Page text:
Friday, January 25, 2013
Shattered Souls by Delilah Devlin
by Delilah Devlin is a wonderful paranormal romance being released soon. I am devouring it as this posts and my review will be up in a day or so. I am delighted to learn that this will be part of a series since I am enjoying this one so much thus far. I will have other excerpts on subsequent days and MAYBE I'll be able to coax the author out to make a comment or two so stay tuned....
The following is an excerpt that Ms Devlin very kindly shared with me:
This is the opening scene of the new paranormal suspense, Shattered Souls, the first in The Caitlyn O’Connell novels!
Mama was making a spell again.
The little girl squirmed on her chair at the kitchen table and tried not to think about needing to pee. Mama wanted her to be quiet so she wouldn’t lose her train. Though what trains had to do with spells, the girl didn’t have a clue. Mama always said things that didn’t make sense. Must be because she was a jip-see. Daddy blamed all the strange things that happened in their house on account of her being jip-see.
Pink blossoms dropped into the heart-shaped flannel pouch, one by one.
Her mama’s eyebrows straightened, and her eyes got the faraway look. “One to silence darksome words. Let only gladsome thoughts be heard. Two to bring peace to this child’s mind—”
“That’s me, right, Mama?”
Dark brows wrinkled. “Yes, Caitydid, pay attention now. This is important.”
Another pretty pink blossom floated into the bag.
“Is it really from a dragon?” The little girl bit her lip because she’d done it again. Spoken when she was supposed to be dreaming about what it would be like if the spell worked.
Her mother plucked a blossom from the bowl in front of her. “The flower is a snapdragon, but only because it looks like a dragon’s head, sweetheart. See?” She held up another furled flower for the girl to study.
The little girl stared at the blossom, disappointment tugging her mouth downward. The curled bloom did indeed form a shape. But looking at the flower was a lot like lying in the grass with her mama watching the clouds float across the sky and trying to imagine animals and things when all she saw were white puffy clouds.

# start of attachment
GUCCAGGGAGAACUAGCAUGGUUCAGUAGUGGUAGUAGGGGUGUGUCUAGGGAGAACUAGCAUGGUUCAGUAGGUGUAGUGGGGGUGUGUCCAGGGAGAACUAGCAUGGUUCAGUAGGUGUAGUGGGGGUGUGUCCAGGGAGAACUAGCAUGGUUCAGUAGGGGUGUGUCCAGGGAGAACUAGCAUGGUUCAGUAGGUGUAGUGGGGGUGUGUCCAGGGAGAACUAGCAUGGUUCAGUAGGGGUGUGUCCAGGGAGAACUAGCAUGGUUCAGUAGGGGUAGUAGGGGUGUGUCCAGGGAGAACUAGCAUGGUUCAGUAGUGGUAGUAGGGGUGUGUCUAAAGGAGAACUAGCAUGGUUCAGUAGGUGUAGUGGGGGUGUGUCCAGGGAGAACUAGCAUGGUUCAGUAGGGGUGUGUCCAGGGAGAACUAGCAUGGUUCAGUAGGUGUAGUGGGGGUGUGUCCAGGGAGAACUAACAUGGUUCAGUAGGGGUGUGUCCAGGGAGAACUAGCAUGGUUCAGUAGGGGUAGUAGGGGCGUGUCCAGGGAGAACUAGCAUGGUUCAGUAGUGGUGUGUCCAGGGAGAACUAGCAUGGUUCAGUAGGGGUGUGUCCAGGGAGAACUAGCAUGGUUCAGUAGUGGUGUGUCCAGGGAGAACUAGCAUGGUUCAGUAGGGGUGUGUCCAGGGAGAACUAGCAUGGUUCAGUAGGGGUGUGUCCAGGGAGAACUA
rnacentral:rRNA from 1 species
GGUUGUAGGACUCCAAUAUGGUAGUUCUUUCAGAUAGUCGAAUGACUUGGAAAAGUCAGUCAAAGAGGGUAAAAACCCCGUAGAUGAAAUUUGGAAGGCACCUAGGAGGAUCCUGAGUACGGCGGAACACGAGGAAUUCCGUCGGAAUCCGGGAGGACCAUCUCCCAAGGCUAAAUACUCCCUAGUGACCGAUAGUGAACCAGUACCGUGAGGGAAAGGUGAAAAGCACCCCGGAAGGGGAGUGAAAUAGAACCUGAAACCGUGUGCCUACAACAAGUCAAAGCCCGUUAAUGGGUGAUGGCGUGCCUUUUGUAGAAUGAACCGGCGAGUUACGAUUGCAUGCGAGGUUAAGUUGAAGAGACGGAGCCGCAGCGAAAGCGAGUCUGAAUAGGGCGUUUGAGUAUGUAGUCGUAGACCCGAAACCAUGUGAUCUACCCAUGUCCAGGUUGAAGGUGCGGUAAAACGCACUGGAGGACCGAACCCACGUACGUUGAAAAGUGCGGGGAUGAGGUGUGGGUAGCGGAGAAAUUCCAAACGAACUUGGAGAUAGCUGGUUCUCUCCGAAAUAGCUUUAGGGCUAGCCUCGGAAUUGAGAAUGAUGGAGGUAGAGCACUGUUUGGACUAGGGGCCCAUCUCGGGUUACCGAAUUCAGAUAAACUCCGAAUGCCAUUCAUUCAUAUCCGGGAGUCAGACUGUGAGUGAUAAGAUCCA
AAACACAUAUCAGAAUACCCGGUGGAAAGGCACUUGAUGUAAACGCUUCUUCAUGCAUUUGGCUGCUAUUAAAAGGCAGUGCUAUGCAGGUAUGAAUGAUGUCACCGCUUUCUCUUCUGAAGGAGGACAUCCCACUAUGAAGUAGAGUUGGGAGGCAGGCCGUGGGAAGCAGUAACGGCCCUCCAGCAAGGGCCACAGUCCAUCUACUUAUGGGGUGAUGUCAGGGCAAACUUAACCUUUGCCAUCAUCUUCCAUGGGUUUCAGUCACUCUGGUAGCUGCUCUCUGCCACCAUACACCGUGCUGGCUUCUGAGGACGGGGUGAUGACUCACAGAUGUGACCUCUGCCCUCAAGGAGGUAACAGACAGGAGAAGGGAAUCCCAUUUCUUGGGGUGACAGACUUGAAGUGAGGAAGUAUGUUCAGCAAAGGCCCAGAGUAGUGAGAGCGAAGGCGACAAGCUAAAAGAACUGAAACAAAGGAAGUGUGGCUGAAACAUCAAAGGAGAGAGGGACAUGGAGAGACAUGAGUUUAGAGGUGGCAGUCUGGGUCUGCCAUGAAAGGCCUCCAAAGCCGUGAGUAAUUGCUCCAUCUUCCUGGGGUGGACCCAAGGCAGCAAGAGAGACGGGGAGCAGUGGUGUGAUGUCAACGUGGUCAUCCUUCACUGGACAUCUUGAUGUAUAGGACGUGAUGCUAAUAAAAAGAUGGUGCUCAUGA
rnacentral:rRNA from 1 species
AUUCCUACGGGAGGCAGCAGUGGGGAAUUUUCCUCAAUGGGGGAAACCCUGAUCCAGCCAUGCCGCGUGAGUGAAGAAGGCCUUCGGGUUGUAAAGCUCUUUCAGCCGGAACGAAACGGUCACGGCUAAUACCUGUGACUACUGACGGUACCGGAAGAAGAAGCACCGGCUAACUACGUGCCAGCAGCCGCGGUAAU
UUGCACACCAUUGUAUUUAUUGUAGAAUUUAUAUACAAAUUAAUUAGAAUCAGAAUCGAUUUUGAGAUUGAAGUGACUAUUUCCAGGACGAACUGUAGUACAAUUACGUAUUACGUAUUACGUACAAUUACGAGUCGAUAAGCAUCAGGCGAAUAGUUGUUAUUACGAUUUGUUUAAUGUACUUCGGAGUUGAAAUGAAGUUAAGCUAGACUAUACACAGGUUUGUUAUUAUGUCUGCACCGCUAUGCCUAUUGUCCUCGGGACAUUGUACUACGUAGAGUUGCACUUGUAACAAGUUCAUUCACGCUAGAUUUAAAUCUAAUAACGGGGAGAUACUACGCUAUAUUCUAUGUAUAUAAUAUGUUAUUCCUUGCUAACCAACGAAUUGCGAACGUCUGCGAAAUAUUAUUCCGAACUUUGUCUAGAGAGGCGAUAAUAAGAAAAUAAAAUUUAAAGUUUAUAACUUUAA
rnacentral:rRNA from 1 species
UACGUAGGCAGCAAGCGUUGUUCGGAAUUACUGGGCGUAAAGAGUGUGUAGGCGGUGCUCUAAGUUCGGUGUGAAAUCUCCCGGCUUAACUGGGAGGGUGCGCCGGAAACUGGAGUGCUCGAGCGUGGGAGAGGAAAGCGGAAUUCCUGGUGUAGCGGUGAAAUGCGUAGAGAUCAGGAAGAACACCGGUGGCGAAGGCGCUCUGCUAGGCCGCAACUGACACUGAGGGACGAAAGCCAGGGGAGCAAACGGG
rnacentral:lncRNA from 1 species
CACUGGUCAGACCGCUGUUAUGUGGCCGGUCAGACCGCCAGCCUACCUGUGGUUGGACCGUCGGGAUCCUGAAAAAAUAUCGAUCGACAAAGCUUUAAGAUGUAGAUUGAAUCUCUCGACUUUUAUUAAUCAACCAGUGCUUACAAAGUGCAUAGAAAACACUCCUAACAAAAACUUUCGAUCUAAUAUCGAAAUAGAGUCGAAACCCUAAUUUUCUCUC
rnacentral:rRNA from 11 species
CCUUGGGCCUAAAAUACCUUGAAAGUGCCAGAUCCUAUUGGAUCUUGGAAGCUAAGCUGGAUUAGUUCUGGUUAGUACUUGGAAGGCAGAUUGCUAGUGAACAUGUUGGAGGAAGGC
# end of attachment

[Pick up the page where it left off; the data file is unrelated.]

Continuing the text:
A flower was just a flower. How were pretty petals going to help her sleep?
“Now, are you done interrupting me?”
The little girl nodded, summoning a smile to please her mother. Then something shrieked behind her and she jumped. She clamped together her thighs and swung her feet, trying to ease the urgency. “Make them go away,” she wailed, slamming both hands over her ears—even though she knew that never worked.
Her mother’s sad, brown gaze settled on the girl for a long, unblinking moment. Then she pulled down the girl’s small hands and placed them in her lap. She leaned close, bracketing her cheeks between warm palms. “Don’t be afraid, baby. The bad voices will disappear. Only the good will remain.”
The little girl licked a tear from the side of her mouth. “But I want them all to go away, Mama.”
“Sweetheart, I can’t steal away a gift. I can only give you protection, for a time. Do you remember the words?”
The little girl nodded.
“Say them with me.” Mama’s warm hands fell away, and she dropped another blossom into the bag.
The little girl picked up the chant, closing her eyes and thinking as hard as she could about a time when she wouldn’t hear the eerie cries.
“One to silence darksome words.
Let only gladsome thoughts be heard.
Two to bring peace to this child’s mind,
Until her own strengths she doth find.
Three to banish Wraith’s cruel rage.
Spirits harmless by thy wisdom sage.
Four to balance and turn the Wheel.
Rightful Change shall soothe and heal.
I call to thee, O dragon bright.
Lend us now your ancient might—”
Hands gripped Caitlyn O’Connell’s shoulders and shook her. “Get up, dammit.”
The gruff voice was familiar. Felt right, hearing it in her bedroom—for all of two seconds. Then she pried open her eyes, wincing at the overhead light, and stared at Samuel Pierce.
Same taut expression, same hard body. Brown hair cut short, freshly shaved, and not a crease in his pale dress shirt or dark trousers. A silk tie ringed his strong neck. Strong lines bracketed his mouth, the corners turned down.
He didn’t seem particularly happy to be here. Which was sort of sad. Once upon a time, he’d sworn there was nowhere else he wanted to be more.
“How’d you get in?” she muttered. Was he aware his thumbs caressed her shoulders? She glanced down, then back up again.
Sam looked down at his hands, let go of her shoulders, and straightened. With his gaze still on hers, he raked a hand through his hair and sighed.
Now all six feet two inches of his sturdy frame loomed, bristling with ill-concealed impatience.
“Damn, Caitlyn, you still have a spare key on top of the door frame. I told you it wasn’t a good idea a long time ago. Anyone can let himself in.”
“Only person ever used it was you,” she grumbled, rubbing a hand over her eyes. “What time’s it?”